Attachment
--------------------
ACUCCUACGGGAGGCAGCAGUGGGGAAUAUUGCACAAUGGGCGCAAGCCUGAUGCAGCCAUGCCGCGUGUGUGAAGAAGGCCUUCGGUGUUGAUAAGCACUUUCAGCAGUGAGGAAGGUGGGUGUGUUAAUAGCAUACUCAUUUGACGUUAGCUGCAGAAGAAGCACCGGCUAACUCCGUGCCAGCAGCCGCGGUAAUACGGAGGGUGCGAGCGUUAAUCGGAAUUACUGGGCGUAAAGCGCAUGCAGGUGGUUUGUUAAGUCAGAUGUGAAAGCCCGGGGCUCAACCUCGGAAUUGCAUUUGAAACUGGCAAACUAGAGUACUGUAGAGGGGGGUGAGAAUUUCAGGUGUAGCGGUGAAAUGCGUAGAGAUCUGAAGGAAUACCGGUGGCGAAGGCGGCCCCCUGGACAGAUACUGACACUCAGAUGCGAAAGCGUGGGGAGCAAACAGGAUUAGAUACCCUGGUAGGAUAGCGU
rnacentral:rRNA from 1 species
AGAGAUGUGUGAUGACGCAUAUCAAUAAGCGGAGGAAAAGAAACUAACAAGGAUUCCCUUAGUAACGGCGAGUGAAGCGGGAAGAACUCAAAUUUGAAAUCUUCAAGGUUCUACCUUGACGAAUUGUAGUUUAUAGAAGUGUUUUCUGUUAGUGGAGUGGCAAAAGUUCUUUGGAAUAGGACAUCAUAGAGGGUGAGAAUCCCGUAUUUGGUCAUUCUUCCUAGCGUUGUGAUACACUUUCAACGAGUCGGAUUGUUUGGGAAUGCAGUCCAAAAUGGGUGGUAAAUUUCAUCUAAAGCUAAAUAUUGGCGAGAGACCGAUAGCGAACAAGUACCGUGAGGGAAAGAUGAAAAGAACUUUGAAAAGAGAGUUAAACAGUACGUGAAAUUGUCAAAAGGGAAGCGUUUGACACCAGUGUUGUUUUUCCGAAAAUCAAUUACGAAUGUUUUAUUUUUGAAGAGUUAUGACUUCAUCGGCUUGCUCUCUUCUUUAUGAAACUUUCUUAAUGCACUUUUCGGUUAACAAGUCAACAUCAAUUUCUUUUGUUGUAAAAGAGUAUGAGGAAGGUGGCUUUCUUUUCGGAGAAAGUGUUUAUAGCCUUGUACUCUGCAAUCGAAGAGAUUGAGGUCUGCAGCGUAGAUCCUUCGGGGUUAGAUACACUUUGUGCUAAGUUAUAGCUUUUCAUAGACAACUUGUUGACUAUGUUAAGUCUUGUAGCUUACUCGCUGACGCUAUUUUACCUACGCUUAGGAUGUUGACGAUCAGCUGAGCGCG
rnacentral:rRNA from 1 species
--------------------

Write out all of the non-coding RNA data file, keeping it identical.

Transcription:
ACUCCUACGGGAGGCAGCAGUGGGGAAUAUUGCACAAUGGGCGCAAGCCUGAUGCAGCCAUGCCGCGUGUGUGAAGAAGGCCUUCGGUGUUGAUAAGCACUUUCAGCAGUGAGGAAGGUGGGUGUGUUAAUAGCAUACUCAUUUGACGUUAGCUGCAGAAGAAGCACCGGCUAACUCCGUGCCAGCAGCCGCGGUAAUACGGAGGGUGCGAGCGUUAAUCGGAAUUACUGGGCGUAAAGCGCAUGCAGGUGGUUUGUUAAGUCAGAUGUGAAAGCCCGGGGCUCAACCUCGGAAUUGCAUUUGAAACUGGCAAACUAGAGUACUGUAGAGGGGGGUGAGAAUUUCAGGUGUAGCGGUGAAAUGCGUAGAGAUCUGAAGGAAUACCGGUGGCGAAGGCGGCCCCCUGGACAGAUACUGACACUCAGAUGCGAAAGCGUGGGGAGCAAACAGGAUUAGAUACCCUGGUAGGAUAGCGU
rnacentral:rRNA from 1 species
AGAGAUGUGUGAUGACGCAUAUCAAUAAGCGGAGGAAAAGAAACUAACAAGGAUUCCCUUAGUAACGGCGAGUGAAGCGGGAAGAACUCAAAUUUGAAAUCUUCAAGGUUCUACCUUGACGAAUUGUAGUUUAUAGAAGUGUUUUCUGUUAGUGGAGUGGCAAAAGUUCUUUGGAAUAGGACAUCAUAGAGGGUGAGAAUCCCGUAUUUGGUCAUUCUUCCUAGCGUUGUGAUACACUUUCAACGAGUCGGAUUGUUUGGGAAUGCAGUCCAAAAUGGGUGGUAAAUUUCAUCUAAAGCUAAAUAUUGGCGAGAGACCGAUAGCGAACAAGUACCGUGAGGGAAAGAUGAAAAGAACUUUGAAAAGAGAGUUAAACAGUACGUGAAAUUGUCAAAAGGGAAGCGUUUGACACCAGUGUUGUUUUUCCGAAAAUCAAUUACGAAUGUUUUAUUUUUGAAGAGUUAUGACUUCAUCGGCUUGCUCUCUUCUUUAUGAAACUUUCUUAAUGCACUUUUCGGUUAACAAGUCAACAUCAAUUUCUUUUGUUGUAAAAGAGUAUGAGGAAGGUGGCUUUCUUUUCGGAGAAAGUGUUUAUAGCCUUGUACUCUGCAAUCGAAGAGAUUGAGGUCUGCAGCGUAGAUCCUUCGGGGUUAGAUACACUUUGUGCUAAGUUAUAGCUUUUCAUAGACAACUUGUUGACUAUGUUAAGUCUUGUAGCUUACUCGCUGACGCUAUUUUACCUACGCUUAGGAUGUUGACGAUCAGCUGAGCGCG
rnacentral:rRNA from 1 species